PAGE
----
Referring again to FIG. 2 and FIG. 1 where Fiber Optic cables and connectors are being used, it can be seen that light entering through sensor cable 2 will pass through sensor cable end 14 which will be retained in channel 15 by double splice point 3. Double splice point 3 is so constructed so that sensor cable end 14 will butt up against sensor cable end 8 that has been inserted in channel 6. The light beam will therefore pass through sensor cable end 8 and on into sensor cable 2 which has been inserted through channel 4 of part 1 and will continue around object 11 as shown by FIG. 1. The light then passes through sensor cable end 9 which has been inserted through channel 7 of part 3. Sensor cable end 7 butts up against sensor cable end 17 which has been inserted in channel 16 of part 3 thereby allowing the light to pass on out through sensor cable 13 and return to the detector portion of the alarm system (not shown).

The apparatus allows a monitoring system to be easily integrated with equipment or objects that are desired to be protected. The apparatus provides a simple, versatile, inexpensive method to secure various types of valuable items such as computers and their accessories without drilling holes in the items that are to be protected so as to not void any manufacturer's warranties. The user of the apparatus will also not have to glue or permanently mount anything to his equipment which might be detrimental to the appearance of his equipment. In addition, the apparatus provides a simple method for protecting a laptop style computer from theft or from use regardless of whether the floppy disk is physically located on the front edge or side edge of the computer thus making the system adaptable to all brands of computers.

Although the invention has been described in detail in the foregoing embodiments for the purpose of illustration, it is to be understood that such detail is solely for that purpose and that variations can be made therein by those skilled in the art without departing from the spirit and scope of the invention except as it may be described by the following claims.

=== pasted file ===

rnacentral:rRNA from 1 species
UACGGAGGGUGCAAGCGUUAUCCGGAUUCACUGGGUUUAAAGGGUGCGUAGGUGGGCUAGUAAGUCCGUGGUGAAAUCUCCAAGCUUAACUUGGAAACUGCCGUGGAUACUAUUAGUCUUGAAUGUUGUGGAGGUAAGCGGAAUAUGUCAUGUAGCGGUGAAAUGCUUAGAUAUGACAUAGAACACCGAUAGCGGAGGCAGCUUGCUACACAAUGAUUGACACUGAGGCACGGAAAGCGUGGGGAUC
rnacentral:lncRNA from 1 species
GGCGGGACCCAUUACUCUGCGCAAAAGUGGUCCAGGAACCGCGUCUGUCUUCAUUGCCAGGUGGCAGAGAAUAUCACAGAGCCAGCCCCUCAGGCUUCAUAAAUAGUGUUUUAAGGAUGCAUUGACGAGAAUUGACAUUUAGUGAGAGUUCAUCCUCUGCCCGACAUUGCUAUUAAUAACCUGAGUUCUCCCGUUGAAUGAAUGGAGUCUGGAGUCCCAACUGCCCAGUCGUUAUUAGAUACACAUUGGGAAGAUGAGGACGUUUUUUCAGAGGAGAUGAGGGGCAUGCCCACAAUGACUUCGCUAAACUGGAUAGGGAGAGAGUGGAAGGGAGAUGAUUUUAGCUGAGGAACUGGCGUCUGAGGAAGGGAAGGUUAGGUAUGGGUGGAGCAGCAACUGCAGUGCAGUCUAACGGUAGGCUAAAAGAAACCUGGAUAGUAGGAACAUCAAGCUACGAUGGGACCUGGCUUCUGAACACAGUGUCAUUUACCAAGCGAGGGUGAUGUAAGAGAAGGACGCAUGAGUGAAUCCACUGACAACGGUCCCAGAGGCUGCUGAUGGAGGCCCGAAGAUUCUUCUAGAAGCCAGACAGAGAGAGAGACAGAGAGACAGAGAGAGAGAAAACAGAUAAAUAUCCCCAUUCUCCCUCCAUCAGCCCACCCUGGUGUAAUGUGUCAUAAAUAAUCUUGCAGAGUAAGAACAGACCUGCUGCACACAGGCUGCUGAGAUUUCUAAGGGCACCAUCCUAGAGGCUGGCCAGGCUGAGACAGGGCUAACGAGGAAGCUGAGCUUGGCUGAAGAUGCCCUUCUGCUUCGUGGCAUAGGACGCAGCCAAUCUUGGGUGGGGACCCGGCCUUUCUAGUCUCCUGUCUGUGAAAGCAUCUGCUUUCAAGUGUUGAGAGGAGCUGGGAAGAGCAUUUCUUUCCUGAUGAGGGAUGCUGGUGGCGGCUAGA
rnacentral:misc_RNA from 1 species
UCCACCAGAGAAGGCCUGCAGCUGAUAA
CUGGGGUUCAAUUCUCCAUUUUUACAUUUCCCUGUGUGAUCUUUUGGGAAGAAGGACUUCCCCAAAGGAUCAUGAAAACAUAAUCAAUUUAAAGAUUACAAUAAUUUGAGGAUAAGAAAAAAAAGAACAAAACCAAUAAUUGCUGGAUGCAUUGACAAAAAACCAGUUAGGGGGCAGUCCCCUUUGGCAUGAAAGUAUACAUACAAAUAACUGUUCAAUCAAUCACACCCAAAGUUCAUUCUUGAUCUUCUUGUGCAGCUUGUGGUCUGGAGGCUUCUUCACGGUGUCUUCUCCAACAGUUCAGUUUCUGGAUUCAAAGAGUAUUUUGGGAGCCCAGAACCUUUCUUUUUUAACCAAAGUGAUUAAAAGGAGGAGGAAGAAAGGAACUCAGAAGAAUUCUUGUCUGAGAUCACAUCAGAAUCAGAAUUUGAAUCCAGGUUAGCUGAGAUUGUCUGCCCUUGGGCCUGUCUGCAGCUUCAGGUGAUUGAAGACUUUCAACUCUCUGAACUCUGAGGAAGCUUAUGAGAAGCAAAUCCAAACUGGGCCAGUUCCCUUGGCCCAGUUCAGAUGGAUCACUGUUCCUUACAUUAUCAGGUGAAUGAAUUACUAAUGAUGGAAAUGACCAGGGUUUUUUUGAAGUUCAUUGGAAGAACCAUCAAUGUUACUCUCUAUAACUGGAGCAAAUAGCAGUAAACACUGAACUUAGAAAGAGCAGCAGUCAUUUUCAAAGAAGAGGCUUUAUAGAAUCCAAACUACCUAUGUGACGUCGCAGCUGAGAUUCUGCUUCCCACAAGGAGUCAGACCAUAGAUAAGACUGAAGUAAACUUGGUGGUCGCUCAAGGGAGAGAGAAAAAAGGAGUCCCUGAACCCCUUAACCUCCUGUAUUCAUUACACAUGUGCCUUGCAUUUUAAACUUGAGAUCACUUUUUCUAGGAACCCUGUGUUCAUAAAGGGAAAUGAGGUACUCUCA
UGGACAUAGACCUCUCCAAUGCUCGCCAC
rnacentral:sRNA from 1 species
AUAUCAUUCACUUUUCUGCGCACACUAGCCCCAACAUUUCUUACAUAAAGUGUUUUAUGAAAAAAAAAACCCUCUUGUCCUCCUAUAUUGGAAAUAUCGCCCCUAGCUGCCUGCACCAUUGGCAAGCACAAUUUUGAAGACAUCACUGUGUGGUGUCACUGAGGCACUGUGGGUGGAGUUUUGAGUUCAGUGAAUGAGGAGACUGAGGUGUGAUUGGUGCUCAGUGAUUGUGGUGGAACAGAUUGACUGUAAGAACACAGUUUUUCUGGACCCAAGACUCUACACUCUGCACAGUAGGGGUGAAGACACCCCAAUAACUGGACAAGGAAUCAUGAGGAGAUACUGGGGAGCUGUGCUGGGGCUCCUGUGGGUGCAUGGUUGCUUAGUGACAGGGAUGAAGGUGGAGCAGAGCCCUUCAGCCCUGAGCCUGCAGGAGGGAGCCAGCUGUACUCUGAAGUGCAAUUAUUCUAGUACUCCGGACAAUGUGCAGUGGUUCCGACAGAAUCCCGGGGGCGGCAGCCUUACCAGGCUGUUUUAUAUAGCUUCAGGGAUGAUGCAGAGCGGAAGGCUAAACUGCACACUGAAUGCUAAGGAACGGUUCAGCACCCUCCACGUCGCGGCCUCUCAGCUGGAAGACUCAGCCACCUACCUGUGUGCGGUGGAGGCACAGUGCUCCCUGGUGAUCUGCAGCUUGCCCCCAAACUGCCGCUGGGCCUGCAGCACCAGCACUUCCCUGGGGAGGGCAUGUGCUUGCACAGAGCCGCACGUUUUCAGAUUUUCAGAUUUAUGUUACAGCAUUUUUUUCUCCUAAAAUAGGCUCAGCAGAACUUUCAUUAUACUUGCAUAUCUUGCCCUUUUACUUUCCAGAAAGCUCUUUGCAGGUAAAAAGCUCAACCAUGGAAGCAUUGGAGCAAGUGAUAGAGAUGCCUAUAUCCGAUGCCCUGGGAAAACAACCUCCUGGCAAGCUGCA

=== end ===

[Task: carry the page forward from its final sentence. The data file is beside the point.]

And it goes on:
Patent Citations
Cited PatentFiling datePublication dateApplicantTitle
US883335 *Sep 26, 1907Mar 31, 1908John J O'connorElectric theft-alarm system.
US4639713 *Sep 16, 1982Jan 27, 1987Honda Giken Kogyo K.K.Theftproof device
US4746909 *Sep 2, 1986May 24, 1988Marcia IsraelModular security system
US5055827 *Feb 20, 1990Oct 8, 1991Harald PhilippFiber optic security system
US5543782 *Nov 16, 1993Aug 6, 1996Protex International Corp.Security device for merchandise and the like
Referenced by
Citing PatentFiling datePublication dateApplicantTitle
US5861807 *Nov 12, 1997Jan 19, 1999Se-Kure Controls, Inc.Security system
US6386906Mar 16, 1998May 14, 2002Telefonix IncCord management apparatus and method
US6389853 *Jan 13, 2000May 21, 2002Dell Usa, L.P.Apparatus and method for deterring the theft of a computer
US6621415 *Aug 14, 2001Sep 16, 2003Stanley D. WillisSecurity alarm system component for securing moveable objects
US6690277Mar 23, 2001Feb 10, 2004Henry Louis HansenSecurity system
US6888461Mar 11, 2002May 3, 2005Entreprises Lokkit Inc.Fiber optic based security system
US7710266Jan 7, 2008May 4, 2010Invue Security Products Inc.Security system with product power capability
US20100045473 *Aug 18, 2009Feb 25, 2010The Southern CompanyNon-metallic alert systems
WO2008088699A2 *Jan 8, 2008Jul 24, 2008Invue Security Products IncSecurity system with product power capability
Classifications
U.S. Classification340/568.2, 340/687, 340/600, 340/652
International ClassificationG08B13/14
Cooperative ClassificationG08B13/1463
European ClassificationG08B13/14H4
Legal Events
DateCodeEventDescription
May 31, 2005FPExpired due to failure to pay maintenance fee
Effective date: 20050401
Apr 1, 2005LAPSLapse for failure to pay maintenance fees
Oct 20, 2004REMIMaintenance fee reminder mailed
Mar 20, 2001SULPSurcharge for late payment
Mar 20, 2001FPAYFee payment
Year of fee payment: 4
Oct 24, 2000REMIMaintenance fee reminder mailed
Dec 23, 1996ASAssignment
Owner name: MINATRONICS CORPORATION, PENNSYLVANIA
Free format text: ASSIGNMENT OF ASSIGNORS INTEREST;ASSIGNOR:WILSON, EDWIN P.;REEL/FRAME:008278/0714
Effective date: 19961212